- Teach your kids that it’s okay for them to walk away from an argument until they are calm enough to return.
- Teach your child healthy ways to reduce stress.
- Tune into your child’s unique stress signs, so you’ll be able to recognize when he’s on overload. Help him learn to identify his own stressors (and triggers) so that you can intervene and help him to decompress before something comes to blows.
7. Tailor Expectations to Your Child’s Abilities
All parents want the very best for their kids. It’s only natural! As a parent, you should consider your learning aspirations for your child like a rubber band: gently stretch but don’t snap. Every child is different, and while it’s okay to encourage her to try hard and achieve her best, it’s also important to remember that ‘what’s best’ is different for every child. Just because your kid isn’t composing his own symphonies or writing his memoirs by age 10 doesn’t mean that he won’t still do great things with his life. Always remember this one commandment: ‘Tailor thy parenting only to thy child.’ You and your children will be happier and healthier for it, as well as successful.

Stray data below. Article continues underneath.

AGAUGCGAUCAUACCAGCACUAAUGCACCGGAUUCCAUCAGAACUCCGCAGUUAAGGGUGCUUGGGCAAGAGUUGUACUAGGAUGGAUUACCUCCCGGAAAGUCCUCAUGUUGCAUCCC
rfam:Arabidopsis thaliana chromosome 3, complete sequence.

If you want to boost your kid’s academic performance and see lasting results, it will take a few things from you: consistency, dedication, and patience. Those things are always better parenting tools than anything money can buy. And remember that no two kids are the same, even if they come from the same household. If you pay attention to the individual needs of each child and do what’s right for them and for you, you’ll see the payoff in their attitudes and their report cards in no time.
This post was originally featured on the Character.org blog in August 2012